Audit Results

We initially found that the FDIC’s controls for safeguarding sensitive information in resolution plans submitted under section 165(d) of the Dodd-Frank Act were not fully consistent with applicable information security requirements, policies, and guidelines. Among other things, we found that the security level of sensitive resolution plan information had not been formally categorized in accordance with federal standards, key OCFI security policies and procedures needed to be updated and finalized, access controls needed to be strengthened, and the role and level of resources allocated to OCFI’s internal review and information security functions needed to be assessed.

We met with the Director, OCFI, in February 2013 and shared our preliminary observations from the first phase of the audit. We also met with officials in the Division of Administration and Division of Information Technology, which began reporting to the newly appointed Chief Information Officer (CIO) in July 2013, because these officials had responsibility for addressing some of our preliminary observations. Throughout 2013, and prior to the close of the audit in February 2014, the FDIC was taking actions to address our preliminary observations and strengthen security controls over sensitive resolution plan information. Of particular note, the FDIC:

- formally categorized sensitive resolution plan information, including Review Materials, consistent with federal standards; - assigned an Information Security Manager from another FDIC division to help establish and implement security controls over sensitive information maintained by OCFI; - updated and formally approved key OCFI security policies and procedures; - strengthened controls over the management of hard-copy resolution plans and Review Materials; - began requiring security guards to use individual access codes when entering secured workspaces where resolution plans and Review Materials are stored to promote accountability; and - developed a formal internal review manual and plan that address information security.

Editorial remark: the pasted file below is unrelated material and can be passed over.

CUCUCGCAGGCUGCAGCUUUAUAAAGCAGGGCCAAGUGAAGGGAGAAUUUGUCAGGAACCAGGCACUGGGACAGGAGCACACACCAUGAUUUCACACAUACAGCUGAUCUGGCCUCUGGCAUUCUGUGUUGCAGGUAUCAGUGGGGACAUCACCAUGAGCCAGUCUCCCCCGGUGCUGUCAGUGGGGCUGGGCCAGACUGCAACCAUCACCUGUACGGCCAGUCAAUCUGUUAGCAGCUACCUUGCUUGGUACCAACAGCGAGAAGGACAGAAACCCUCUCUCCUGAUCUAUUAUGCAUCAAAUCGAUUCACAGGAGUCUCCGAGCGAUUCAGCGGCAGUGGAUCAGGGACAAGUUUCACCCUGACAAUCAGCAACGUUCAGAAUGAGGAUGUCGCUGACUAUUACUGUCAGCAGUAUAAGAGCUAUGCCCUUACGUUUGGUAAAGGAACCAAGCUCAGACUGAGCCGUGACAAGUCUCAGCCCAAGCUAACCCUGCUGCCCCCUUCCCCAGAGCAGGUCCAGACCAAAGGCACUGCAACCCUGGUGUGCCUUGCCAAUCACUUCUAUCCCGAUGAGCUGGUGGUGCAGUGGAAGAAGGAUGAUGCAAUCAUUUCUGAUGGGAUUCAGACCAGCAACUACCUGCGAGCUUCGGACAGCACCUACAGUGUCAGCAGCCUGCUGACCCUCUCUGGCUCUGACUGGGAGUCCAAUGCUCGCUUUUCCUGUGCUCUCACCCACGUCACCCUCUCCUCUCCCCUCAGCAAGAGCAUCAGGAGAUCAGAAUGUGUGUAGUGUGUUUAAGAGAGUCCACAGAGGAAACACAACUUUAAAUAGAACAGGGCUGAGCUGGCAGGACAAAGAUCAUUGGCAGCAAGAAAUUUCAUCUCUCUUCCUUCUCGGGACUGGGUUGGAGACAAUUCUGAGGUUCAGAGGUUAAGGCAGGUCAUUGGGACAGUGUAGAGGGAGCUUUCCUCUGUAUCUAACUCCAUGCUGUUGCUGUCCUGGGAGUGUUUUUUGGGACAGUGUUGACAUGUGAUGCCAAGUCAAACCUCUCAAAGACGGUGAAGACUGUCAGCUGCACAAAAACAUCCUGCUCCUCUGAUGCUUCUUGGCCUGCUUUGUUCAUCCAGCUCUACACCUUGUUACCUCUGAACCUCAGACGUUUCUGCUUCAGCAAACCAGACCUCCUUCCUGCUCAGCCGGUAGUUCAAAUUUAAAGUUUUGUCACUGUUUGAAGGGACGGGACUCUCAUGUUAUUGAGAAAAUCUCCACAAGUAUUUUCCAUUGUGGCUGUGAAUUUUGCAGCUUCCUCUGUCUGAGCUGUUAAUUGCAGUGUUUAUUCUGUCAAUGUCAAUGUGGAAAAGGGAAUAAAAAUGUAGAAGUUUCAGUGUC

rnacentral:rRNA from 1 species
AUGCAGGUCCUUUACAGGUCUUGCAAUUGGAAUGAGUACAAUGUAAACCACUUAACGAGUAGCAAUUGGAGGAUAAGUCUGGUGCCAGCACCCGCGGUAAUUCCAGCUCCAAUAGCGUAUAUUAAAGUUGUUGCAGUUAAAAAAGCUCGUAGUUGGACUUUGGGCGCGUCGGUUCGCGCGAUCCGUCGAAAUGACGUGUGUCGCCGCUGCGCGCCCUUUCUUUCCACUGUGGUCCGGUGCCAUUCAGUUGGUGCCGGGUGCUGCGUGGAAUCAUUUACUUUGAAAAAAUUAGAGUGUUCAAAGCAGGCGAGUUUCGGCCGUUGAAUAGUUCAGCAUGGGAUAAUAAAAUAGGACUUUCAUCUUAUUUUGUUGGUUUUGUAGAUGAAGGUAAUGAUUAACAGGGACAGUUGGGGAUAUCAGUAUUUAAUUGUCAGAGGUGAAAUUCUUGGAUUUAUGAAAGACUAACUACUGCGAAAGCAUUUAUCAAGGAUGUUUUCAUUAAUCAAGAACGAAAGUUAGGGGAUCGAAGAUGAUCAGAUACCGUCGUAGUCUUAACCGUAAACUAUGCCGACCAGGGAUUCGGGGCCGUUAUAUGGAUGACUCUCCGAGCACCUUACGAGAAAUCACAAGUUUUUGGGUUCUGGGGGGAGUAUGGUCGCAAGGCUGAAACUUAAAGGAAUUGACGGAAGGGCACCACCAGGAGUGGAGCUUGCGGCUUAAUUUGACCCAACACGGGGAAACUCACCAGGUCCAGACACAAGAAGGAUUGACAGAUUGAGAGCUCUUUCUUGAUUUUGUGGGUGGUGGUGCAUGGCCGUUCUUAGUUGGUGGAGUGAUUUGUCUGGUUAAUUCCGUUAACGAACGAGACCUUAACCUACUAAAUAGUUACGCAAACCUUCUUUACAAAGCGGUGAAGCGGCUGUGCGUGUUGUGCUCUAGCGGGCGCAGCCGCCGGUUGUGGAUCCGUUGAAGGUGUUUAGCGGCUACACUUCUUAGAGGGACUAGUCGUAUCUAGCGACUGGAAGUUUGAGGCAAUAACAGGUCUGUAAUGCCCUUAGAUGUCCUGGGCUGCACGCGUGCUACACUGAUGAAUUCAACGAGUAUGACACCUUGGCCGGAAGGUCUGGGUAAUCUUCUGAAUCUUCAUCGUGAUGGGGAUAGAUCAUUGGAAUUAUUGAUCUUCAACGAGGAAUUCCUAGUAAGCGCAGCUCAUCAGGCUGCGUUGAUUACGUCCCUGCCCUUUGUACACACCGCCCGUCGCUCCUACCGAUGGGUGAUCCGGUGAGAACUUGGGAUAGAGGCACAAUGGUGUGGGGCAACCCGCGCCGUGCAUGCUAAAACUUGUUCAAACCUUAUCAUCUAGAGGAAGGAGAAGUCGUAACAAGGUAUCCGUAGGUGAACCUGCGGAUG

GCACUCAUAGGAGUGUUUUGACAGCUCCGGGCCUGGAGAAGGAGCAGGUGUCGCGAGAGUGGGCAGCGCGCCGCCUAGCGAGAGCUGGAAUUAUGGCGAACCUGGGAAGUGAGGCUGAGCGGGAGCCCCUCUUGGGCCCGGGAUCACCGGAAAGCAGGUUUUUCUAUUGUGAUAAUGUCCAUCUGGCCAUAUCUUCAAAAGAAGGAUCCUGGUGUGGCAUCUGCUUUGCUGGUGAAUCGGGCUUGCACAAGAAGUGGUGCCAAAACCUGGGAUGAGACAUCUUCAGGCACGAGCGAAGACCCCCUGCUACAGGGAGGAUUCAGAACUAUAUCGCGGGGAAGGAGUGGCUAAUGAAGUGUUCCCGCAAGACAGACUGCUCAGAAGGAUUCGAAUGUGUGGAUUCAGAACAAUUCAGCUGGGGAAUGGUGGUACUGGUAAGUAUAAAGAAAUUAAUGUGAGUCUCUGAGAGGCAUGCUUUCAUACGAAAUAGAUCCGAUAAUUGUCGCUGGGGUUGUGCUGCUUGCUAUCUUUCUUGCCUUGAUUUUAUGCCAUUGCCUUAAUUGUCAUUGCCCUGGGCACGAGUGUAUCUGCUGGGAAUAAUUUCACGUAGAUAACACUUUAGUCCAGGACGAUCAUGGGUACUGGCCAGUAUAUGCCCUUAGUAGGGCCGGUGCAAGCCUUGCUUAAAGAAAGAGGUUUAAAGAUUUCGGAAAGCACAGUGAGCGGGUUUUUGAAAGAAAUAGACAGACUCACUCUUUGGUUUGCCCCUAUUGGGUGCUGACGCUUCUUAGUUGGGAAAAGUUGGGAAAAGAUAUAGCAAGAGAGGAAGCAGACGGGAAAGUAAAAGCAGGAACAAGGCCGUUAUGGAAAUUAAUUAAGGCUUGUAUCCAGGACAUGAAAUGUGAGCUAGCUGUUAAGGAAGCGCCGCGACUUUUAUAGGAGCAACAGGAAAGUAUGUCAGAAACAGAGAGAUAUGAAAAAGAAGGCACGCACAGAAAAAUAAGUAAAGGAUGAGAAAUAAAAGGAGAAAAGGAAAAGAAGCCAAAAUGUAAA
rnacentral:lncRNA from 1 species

The actions taken by the FDIC since the start of the audit significantly improved the state of security over sensitive resolution plan information. Our report describes additional steps that the FDIC can take to further mitigate risk in this area. In general, these steps involve enhancing controls related to access management, encryption and authentication, internal control reviews, and personnel suitability.

Recommendations and Corporation Comments

Our report contains four recommendations addressed to the Director, OCFI, and three recommendations to the Acting CIO that are intended to enhance security controls over sensitive resolution plan information. In many cases, the FDIC was already working to enhance security controls in these areas during the audit. We identified certain other matters that we did not consider significant in the context of the audit objective, and we communicated those separately to appropriate FDIC management officials.

The Director, OCFI, and the Acting CIO provided separate written responses, dated June 20, 2014, to a draft of this report. In their responses, the officials concurred with all seven of the report’s recommendations and described ongoing and planned actions that address the recommendations.

Because this report contains sensitive information, we do not intend to make the report available to the public in its entirety. We will, however, post this Executive Summary on our public Web site.